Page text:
Coalition for Compassion and Justice Assistant Director Jessi Hans is urging all those who celebrate love, unity and diversity in this city and elsewhere to gather for Prescott’s first “Love and Unity March.”
On Sept. 16, CCJ will sponsor what Hans hopes will be an affirmation for some, and an awakening for others, of the need to stand together as one in the need to embrace people of all kinds amid a national climate of divisiveness that has pitted people against one another rather than seeking common ground.
At 9 a.m. on the campus of Prescott College at the Crossroads Center, the Love and Unity March will kick off with speakers promoting the need for diversity and inclusivity in the community. One of the speakers will be Adult Probation Director John Morris as well as Hans with music to be
performed by Meg Bohrman. Several local organizations, including Prescott College, The Launch Pad Teen Center, several local Unitarian and Christian churches, and the LBGBT community, are working alongside CCJ to celebrate all brands of equality in a community that Hans believes celebrates those principles and needs ways to spread the word.
After the opening speeches, attenders will peacefully march in a walking loop around the college, down Gurley Street, around the courthouse plaza and back at the college. At 11 a.m., Hans said there will be an organizing event for those interested in furthering the mission of promoting equality in the Prescott area.
“What I want to promote is a moment in time when we can come together as a larger collective and celebrate accomplishments, and gather to organize further accomplishments … of those groups of people pushing for equality, diversity and inclusiveness,” Hans said.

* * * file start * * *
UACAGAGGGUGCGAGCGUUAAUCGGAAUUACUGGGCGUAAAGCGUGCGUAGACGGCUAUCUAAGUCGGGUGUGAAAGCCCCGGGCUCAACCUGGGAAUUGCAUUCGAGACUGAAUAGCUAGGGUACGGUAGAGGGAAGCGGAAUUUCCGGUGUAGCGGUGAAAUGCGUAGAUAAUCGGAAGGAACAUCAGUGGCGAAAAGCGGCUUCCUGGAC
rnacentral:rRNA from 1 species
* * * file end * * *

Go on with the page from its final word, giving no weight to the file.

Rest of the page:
It was with a sad heart that Hans and others have witnessed this nation becoming more
divided, and people spewing messages of hate such as what occurred in Charlottesville, Va. as well as efforts to repeal immigration policy, in particular the Deferred Action for Childhood Arrivals (DACA) Act. DACA protects certain undocumented immigrants who arrived in the United States as minors from deportation and allows them to be educated and work in this country.
Though the protests in Charlottesville seem to be a symptom of a larger climate of discontent, Hans said she saw it as a “tipping point” for action.
“At that point, in my heart, I realized I couldn’t sit and do nothing,” Hans said. “As adults in this community, we need to tech our kids that division is no way to gain any kind of ground. We have to have common ground to have unity to make any kind of positive change.”
Launch Pad Teen Center Executive Director Courtney Osterfelt concurs.
She said she sees the march as a community wide version of what the center embodies on an everyday basis for every teen in the greater community.
“The Launch Pad is intended to be a place where all teens feel love and respect. So this (march) reflects what we try and do here,” she said.
This march is intended to be a “starting point for a bigger picture of unity,” Hans said.
“I hope it can create a network of people who want to help see this as something we can work on all the time,” she said. “Not just one march, not just one group. Everybody in the community can do something.”